Raw sewage pollutes river after pipe bursts

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MORE THAN 100,000 gallons of raw sewage has poured into the river Aire near Bradford after one of three huge pre-war pipes connecting the city's sewage works burst.

It was depressingly familiar for Yorkshire Water, which runs Esholt Works. The four- foot-wide cast-iron pipes have burst five times since November. Ground movement, possibly exacerbated by the repair work itself, is thought to be responsible.

The National Rivers Authority, the Government's water pollution watchdog, reacted with some of the strongest public language in its five- year history. 'If this isn't proof of the need to spend money on the infrastructure of old and decrepit works, I don't know what is,' Roger Hyde, regional general manager, said.

'There is little doubt that we will prosecute Yorkshire Water in the light of these incidents. They have little of my sympathy . . . they must learn to spend some of their money on cleaning up our rivers.'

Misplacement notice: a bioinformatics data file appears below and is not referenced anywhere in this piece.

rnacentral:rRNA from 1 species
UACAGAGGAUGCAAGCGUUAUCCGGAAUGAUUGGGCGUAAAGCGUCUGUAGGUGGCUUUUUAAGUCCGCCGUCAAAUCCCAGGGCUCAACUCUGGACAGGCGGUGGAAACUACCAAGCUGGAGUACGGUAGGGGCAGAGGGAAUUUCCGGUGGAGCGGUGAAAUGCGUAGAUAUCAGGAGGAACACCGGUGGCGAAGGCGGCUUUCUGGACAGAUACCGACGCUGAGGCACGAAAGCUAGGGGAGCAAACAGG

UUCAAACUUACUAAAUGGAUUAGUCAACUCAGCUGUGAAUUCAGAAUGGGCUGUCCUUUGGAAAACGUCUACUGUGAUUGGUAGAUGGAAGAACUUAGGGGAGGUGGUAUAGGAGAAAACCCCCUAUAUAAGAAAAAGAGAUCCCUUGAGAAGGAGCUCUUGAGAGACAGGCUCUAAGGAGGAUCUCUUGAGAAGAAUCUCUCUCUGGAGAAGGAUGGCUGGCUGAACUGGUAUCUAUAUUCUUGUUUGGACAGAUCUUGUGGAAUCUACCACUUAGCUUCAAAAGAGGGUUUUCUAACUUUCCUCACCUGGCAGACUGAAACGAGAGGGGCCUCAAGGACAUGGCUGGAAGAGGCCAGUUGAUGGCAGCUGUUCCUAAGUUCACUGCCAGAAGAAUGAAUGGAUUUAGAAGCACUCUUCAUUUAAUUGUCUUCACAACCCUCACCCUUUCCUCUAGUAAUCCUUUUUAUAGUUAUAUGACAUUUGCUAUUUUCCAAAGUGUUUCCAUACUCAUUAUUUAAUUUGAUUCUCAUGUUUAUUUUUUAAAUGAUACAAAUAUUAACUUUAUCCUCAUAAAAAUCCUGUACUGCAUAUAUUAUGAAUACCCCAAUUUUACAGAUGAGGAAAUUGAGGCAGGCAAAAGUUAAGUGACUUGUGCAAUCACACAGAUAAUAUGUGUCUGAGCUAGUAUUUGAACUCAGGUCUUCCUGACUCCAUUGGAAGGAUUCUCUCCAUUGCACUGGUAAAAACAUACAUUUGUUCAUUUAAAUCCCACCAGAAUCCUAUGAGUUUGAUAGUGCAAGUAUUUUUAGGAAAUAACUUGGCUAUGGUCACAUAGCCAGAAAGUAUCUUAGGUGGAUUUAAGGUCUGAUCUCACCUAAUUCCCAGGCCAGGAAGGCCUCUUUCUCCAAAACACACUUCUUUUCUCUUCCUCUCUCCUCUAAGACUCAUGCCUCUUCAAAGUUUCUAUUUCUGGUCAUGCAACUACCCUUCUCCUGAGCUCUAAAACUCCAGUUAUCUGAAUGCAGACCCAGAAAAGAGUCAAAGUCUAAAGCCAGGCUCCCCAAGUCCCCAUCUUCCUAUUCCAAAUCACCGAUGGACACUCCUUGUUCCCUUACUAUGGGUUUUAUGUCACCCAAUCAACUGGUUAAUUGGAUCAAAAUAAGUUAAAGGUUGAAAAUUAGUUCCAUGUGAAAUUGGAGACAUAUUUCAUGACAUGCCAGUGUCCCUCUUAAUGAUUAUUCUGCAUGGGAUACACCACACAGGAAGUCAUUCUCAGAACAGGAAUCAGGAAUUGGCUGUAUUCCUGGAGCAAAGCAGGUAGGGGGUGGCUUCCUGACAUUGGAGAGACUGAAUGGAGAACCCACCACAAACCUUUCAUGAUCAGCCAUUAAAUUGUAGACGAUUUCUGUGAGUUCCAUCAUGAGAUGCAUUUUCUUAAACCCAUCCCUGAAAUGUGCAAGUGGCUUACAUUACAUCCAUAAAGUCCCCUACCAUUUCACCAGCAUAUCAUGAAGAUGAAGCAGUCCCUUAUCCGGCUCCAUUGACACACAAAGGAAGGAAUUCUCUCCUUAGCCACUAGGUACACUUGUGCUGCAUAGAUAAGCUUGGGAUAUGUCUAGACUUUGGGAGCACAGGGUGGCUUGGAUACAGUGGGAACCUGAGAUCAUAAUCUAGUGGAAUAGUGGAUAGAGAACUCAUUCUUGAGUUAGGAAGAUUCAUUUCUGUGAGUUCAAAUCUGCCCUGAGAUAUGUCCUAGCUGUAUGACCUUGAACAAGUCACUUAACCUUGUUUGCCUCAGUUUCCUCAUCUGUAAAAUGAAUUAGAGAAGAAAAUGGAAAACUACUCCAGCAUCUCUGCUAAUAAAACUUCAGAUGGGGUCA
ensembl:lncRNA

The latest burst happened on Monday night, as repairs on the other two pipes were nearing completion. Most of the sewage from more than 300,000 people was diverted into storm tanks overnight.

Yesterday morning one of the other pipes was brought back into service, but by then the storm tanks had overflowed into the already heavily polluted Aire.

The NRA wants the pipes replaced. Yorkshire Water argues that it will be more cost- effective to refurbish them using plastic inner pipe; it says that its customers and the industry's economic regulator Ofwat are urging it to slow the rise in bills.

The company said it had recently spent pounds 40m on improving sewage processing at the works - but not on the three pipes that connect Esholt's two halves. The rivers authority wants further expensive improvements at the sewage works because it is one of the river's major polluters, but Yorkshire Water is resisting.